Wainwright (10gp): A wainwright is required for field repairs to a caravan and the smooth running of non-standard equipment. If an accident or deliberate damage should occur to wagons, a wainwright can spend one cargo unit of repair materials to repair one wagon as long as the caravan spends that day without moving. A wainwright is required for the caravan to add or benefit from any additional caravan equipment (e.g. ballista, cold weather gear, or enhanced undercarriage). If the caravan has any additional caravan equipment, it can only gain the benefits of that equipment on days when at least one traveller fills the role of wainwright.
Requirement: Any character with at least one rank in Craft (carpentry) or Profession (engineer or wainwright) can serve as a wainwright.

CARAVAN STATISTICS

Speed: This value is the caravan’s base speed when travelling over open ground on a road. The base speed for all caravans is 32 miles per day – this speed can be increased by horse trains or enhanced undercarriages.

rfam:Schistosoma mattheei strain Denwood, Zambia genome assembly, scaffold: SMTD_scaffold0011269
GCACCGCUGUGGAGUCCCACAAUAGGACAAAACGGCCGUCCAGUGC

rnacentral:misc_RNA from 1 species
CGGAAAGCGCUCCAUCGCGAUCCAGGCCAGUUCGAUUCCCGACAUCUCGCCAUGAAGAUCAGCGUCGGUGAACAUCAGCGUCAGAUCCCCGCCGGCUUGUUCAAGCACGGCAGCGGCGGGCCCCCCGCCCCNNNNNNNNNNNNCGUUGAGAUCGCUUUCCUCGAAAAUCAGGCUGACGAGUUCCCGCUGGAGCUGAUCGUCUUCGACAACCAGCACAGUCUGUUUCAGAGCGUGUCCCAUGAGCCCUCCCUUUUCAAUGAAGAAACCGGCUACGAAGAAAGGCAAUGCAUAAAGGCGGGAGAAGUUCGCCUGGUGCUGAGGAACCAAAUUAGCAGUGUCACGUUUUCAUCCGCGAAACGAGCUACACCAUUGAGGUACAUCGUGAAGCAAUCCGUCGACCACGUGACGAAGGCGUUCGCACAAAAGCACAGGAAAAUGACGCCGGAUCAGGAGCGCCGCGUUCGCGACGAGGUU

Traveller and Cargo Capacity: These values indicate the maximum number of travellers and cargo units your caravan can carry. If either of these values is exceeded by your total number of travellers or cargo units, your caravan cannot move. Your caravan’s total traveller and cargo unit capacities are determined by the sum of its wagons’ values, modified further by any appropriate bonuses or penalties.

Consumption: This value indicates the amount of provisions that your caravan consumes every day. Your caravan’s consumption equals the total number of travellers in your caravan plus the total of all the wagon’s consumption values, modified further by any appropriate bonuses or penalties.